In a recent column in The Stone, Harvey Cormier considers the political oomph of pragmatists through a nice presentation of some central thinking of William James. The occasion for the piece is a recent spate of writings characterizing Obama as “a pragmatist politician.” What I like best about Cormier’s article is his refutation, through James, of the lame but pervasive equation of pragmatism with weak-kneed inaction. Pointing to James, he emphasizes that pragmatism is compatible (even essential) to genuine truth-seeking by being incompatible with ideology:
Still, while James did want us to believe, he also wanted us to give up “ideologies.” He called pragmatism “[t]he attitude of looking away from first things, principles, ‘categories,’ supposed necessities; and of looking towards last things, fruits, consequences, facts.” Pragmatists can have principles but not self-verifying ones; they renounce any certainties that are based on claims of universal necessity. In our world of chance and change, things may not go the way we want either intellectually or practically, so we have to look to the developing world of actions and results for support of, and challenges to, our most cherished faiths. The final test of even our logic is how well it leads us to act and live. Pragmatists therefore think, and act, provisionally, or subject to later changes in course. Still, provisional action is action, and particular actions are sometimes irrevocable. Moreover, “provisional” need not mean “timid.”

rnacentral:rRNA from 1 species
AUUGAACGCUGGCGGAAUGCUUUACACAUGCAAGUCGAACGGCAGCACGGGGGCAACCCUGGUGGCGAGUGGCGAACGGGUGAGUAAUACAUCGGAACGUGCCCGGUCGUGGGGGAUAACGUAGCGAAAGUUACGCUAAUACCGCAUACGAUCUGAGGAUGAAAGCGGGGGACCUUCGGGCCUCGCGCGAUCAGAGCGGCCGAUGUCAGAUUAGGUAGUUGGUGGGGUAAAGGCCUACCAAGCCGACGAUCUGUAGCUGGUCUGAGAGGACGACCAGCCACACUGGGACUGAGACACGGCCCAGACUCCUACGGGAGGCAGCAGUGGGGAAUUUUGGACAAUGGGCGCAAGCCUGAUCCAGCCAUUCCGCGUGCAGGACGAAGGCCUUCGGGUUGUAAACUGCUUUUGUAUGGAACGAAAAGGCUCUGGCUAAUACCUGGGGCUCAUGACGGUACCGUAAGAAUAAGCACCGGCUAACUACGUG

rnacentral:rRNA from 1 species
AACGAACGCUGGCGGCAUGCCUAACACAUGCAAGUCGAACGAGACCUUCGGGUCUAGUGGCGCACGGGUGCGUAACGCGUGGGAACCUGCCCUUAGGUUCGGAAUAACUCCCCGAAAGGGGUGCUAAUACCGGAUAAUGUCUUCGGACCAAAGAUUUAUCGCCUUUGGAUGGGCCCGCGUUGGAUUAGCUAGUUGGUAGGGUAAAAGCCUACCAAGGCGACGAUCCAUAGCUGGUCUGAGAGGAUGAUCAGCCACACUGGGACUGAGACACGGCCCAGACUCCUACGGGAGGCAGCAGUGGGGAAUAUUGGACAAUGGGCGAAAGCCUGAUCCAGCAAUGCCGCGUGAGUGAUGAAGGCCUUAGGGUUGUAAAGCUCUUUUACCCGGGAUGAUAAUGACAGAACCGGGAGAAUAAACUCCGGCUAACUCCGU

Another point to be made is that pragmatism does not equate to Machiavellian opportunism, either in politics or in science. Pragmatism, as James and Dewey and Peirce (and Rorty for that matter) have it, points toward the necessary adaptability of any truth-seeking that includes letting new things about the world into our understandings. Figuring-out means both that we come to the inquiry with notions in hand, but also that we are open to revisions and adaptions of those notions as what we learn sifts through our understanding.
Cromier points out others (e.g., Menand, author of The Metaphysical Club) who claim that pragmatism belies any possibility of actually changing anything about the world, phrasing the charge as “pragmatists have nothing that they would die for,” hence, they’d never be proponents of “radical change.” Implicit in such a claim is the misleading equation of pragmatic thoughtful adaptability with a simple-minded Darwinian/Hobbesian notion of self-preservation at all costs. Pragmatism includes being convinced of the rightness of an idea or the necessity of a moral action that would lead to change. It includes steadfastness that does not descend into mere stubborn adherence to principles and ideas for the sake of themselves. Such stubbornness, the hallmark of constipated ideologues throughout the world, is a self-constructed philosophical pit of despair from which there is no escape.